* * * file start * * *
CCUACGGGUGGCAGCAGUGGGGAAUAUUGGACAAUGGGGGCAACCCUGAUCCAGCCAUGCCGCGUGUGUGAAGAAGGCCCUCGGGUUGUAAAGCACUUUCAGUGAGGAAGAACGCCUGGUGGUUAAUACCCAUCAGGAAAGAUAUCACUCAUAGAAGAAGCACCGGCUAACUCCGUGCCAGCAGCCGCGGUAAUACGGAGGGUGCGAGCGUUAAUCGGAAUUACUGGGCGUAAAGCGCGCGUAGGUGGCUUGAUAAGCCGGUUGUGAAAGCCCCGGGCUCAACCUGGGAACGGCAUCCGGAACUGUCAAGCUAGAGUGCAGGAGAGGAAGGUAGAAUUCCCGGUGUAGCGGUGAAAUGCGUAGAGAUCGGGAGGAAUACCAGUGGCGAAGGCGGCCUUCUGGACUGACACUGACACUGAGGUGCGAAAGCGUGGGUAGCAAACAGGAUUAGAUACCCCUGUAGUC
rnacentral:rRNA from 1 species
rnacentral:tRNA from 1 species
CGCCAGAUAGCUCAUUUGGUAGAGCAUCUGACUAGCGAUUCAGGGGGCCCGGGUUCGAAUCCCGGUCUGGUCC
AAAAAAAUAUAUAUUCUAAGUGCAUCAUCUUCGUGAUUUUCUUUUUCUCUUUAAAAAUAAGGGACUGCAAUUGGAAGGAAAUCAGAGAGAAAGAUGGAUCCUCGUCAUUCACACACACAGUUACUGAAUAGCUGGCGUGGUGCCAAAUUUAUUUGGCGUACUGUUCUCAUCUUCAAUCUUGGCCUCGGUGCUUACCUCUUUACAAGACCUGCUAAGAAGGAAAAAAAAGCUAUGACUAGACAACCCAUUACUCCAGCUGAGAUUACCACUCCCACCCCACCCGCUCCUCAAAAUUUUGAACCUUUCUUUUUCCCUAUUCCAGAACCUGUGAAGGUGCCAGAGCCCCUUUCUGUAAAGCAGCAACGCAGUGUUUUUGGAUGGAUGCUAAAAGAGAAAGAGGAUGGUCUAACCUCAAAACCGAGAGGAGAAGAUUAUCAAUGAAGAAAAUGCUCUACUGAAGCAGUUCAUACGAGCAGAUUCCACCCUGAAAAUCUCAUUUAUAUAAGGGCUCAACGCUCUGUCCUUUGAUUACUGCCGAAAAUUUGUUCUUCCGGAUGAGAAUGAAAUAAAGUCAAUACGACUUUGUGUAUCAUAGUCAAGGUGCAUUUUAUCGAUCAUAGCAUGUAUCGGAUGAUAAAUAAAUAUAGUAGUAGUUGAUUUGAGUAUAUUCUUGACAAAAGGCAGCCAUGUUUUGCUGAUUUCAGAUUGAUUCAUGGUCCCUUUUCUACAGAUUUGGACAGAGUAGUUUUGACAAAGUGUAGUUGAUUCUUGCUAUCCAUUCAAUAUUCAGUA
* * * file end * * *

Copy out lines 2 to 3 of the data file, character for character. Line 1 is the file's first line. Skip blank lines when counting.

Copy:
rnacentral:rRNA from 1 species
rnacentral:tRNA from 1 species